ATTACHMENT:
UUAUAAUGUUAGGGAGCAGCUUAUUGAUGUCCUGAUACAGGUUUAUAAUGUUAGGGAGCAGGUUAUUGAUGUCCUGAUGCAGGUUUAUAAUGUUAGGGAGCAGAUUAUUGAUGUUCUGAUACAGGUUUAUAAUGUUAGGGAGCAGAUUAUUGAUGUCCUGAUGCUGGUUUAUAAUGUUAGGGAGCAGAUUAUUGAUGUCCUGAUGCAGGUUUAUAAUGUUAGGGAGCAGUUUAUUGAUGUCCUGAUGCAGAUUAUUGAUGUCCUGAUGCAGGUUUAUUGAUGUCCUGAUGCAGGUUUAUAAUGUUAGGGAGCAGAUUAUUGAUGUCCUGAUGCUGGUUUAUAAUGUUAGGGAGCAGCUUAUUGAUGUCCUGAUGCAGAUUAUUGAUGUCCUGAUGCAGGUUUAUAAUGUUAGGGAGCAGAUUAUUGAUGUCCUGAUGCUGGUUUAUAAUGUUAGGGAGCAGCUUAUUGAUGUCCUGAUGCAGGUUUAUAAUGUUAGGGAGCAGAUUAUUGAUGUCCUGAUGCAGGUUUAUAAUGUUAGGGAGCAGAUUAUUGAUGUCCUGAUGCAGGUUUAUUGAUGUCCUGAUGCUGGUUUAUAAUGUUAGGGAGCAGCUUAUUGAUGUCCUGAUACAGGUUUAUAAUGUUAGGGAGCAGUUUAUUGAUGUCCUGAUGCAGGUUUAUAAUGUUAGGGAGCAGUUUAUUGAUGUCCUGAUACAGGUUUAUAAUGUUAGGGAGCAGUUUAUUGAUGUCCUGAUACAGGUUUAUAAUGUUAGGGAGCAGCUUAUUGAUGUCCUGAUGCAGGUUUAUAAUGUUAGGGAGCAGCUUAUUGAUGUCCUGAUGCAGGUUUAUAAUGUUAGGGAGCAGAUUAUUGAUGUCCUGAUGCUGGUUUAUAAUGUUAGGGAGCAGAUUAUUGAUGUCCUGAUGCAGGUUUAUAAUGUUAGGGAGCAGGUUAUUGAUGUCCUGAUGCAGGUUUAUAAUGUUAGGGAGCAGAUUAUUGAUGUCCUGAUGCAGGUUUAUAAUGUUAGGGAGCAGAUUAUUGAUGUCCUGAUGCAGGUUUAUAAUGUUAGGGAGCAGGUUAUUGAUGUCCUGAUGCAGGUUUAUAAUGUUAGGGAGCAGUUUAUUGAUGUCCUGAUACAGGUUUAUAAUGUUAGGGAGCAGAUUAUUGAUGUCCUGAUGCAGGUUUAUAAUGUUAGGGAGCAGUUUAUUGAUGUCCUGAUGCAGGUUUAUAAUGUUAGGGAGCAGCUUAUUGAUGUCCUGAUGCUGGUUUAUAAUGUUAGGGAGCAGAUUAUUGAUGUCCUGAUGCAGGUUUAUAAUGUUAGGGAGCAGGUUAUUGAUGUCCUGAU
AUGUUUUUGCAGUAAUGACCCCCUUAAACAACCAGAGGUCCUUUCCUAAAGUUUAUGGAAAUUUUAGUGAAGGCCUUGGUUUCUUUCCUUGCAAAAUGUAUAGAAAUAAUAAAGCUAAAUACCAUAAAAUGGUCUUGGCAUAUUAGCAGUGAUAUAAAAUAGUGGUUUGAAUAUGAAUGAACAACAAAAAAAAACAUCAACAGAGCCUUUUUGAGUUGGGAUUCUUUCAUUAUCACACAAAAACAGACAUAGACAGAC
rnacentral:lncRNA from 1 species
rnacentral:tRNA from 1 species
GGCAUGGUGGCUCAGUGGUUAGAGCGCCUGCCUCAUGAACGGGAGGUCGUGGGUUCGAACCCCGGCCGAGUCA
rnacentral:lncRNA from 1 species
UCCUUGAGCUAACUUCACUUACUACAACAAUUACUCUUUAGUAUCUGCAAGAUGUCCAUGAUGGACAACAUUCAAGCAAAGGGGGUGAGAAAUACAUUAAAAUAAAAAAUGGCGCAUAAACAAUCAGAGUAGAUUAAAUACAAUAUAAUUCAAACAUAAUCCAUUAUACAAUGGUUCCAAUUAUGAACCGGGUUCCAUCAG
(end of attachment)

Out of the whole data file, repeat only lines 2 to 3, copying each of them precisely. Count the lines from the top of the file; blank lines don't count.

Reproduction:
AUGUUUUUGCAGUAAUGACCCCCUUAAACAACCAGAGGUCCUUUCCUAAAGUUUAUGGAAAUUUUAGUGAAGGCCUUGGUUUCUUUCCUUGCAAAAUGUAUAGAAAUAAUAAAGCUAAAUACCAUAAAAUGGUCUUGGCAUAUUAGCAGUGAUAUAAAAUAGUGGUUUGAAUAUGAAUGAACAACAAAAAAAAACAUCAACAGAGCCUUUUUGAGUUGGGAUUCUUUCAUUAUCACACAAAAACAGACAUAGACAGAC
rnacentral:lncRNA from 1 species